I recently saw this middle aged lady with unilateral carpal tunnel syndrome. She presented with a four month history of right sided carpal tunnel syndrome type symptoms. Four years earlier she was diagnosed with the same and received a steroid injection which completely settled her symptoms.
Clinically there was certainly a mild carpal tunnel syndrome and this fitted with the history of waking at night with numbness in the hand. Carpal tunnel provocation tests were mildly positive.Musculoskeletal ultrasound showed a bifid median nerve (as seen above) . Lanz et al (1977) were the first to describe anatomical variations of the median nerve in the carpal tunnel, there thought are outline din this paper by Mizia et al (2011). Propeck et al (2000) were the first to discuss imaging of the bifid median nerve. Bayrak et al (2008) looked into the prevalence of bifid median nerves in those with carpal tunnel syndrome vs normal controls and bifid median nerve was more common in CTS patients with 32 (19%) of 170 patients having bifid median nerves vs 11 (9%) of 120 controls.
As you can see in the images above, the cross sectional area of the median nerve at the carpal tunnel inlet measured 12mmsq compared to only 9mmsq of the non-symptomatic site (see below). Please see the article by Klauser et al (2008) for further information.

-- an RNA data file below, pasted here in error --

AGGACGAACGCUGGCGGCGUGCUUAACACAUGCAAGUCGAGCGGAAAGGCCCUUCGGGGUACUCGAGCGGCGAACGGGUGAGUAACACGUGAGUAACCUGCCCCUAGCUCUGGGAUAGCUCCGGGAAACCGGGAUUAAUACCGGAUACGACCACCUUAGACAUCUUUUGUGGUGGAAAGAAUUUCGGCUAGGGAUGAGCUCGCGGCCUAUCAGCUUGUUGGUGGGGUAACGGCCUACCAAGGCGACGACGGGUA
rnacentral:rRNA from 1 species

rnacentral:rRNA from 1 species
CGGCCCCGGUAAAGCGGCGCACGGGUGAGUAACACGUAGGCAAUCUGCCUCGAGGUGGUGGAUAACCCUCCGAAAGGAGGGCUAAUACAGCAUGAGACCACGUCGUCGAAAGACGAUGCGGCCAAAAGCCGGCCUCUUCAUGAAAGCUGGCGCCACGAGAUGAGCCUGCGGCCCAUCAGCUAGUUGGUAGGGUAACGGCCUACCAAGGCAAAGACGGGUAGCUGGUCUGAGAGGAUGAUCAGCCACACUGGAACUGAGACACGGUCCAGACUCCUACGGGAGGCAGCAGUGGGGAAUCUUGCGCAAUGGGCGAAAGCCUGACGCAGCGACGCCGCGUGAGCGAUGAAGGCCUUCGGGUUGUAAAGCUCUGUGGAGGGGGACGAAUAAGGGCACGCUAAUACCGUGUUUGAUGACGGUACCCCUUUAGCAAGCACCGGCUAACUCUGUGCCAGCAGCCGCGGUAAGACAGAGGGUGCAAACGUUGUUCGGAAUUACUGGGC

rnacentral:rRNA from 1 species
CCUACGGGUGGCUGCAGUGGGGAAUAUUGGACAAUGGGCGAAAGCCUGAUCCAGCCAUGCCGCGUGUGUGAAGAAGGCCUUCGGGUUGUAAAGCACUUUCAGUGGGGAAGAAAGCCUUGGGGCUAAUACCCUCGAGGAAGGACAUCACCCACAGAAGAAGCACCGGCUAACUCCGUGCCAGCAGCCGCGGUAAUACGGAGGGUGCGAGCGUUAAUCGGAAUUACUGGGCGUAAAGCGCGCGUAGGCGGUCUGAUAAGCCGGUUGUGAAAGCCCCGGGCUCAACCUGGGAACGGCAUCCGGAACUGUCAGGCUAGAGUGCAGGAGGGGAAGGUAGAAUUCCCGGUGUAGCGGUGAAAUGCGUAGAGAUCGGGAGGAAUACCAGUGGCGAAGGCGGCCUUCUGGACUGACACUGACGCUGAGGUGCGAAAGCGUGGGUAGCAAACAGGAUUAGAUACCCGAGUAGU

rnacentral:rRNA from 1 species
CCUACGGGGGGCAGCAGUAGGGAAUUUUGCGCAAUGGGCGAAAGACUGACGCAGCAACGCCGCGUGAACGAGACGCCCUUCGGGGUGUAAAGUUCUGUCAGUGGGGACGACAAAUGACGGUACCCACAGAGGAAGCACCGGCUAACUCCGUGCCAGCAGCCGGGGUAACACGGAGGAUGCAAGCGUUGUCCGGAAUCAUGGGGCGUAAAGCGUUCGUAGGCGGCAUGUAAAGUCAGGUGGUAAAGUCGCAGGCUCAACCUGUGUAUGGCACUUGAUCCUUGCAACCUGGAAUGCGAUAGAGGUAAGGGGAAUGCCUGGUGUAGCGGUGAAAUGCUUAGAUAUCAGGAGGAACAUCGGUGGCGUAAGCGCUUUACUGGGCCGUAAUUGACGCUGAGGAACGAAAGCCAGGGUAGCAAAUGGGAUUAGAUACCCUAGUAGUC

As this lady previously had such good benefit from steroid injection she again opted for this after I had first explained risks and side effects. I opted to inject the carpal tunnel via the transverse approach where the needle is guided adjacent to the median nerve. This is less invasive and generally less uncomfortable for patients than landmark guided steroid injections which are traditionally given deep into the carpal tunnel. For more detailed information on how to administer ultrasound guided injections in the transverse plane please read this free text article from Smith et al (2008) . Please note that as the needle is in close approximation to the median nerve during the procedure this method is only recommended for skilled and experienced operators as it is extremely important to visualise the needle tip throughout the entire procedure.
Given the apparently very low risks of landmark guided injection it is not been clearly shown why steroid injections should be done ultrasound guided. However the following image from www.carpaltunnel.net...demonstrates some food for thought...
(reproduced from: www.carpaltunnel.net)
... where the gap between the ulnar artery and the nearest of the median nerve branches (marked A) is only 3.4 mm and where the median nerve itself has two branches spread across a horizontal distance of about a further centimetre. This provides strong encouragement to take a look inside the wrist to assess the anatomy before inserting a needle. Particularly as we all have slight anatomical variations!
I personally prefer the radial transverse approach as it minimises the risk of injecting into the ulnar artery which as described above can in some people be very close to the median nerve. The only negative with this approach is that the trajectory of the needle has to be superficial to the flexor carpi radialis tendon which sits very much more anterior from the carpal tunnel. This therefore requires a very superficial approach, as you can see in the image below.
There also needs to be alot of ultrasound gel standoff with the needle being just below the skin and penetrating the transverse ligament being reasonably parallel to the carpal tunnel.
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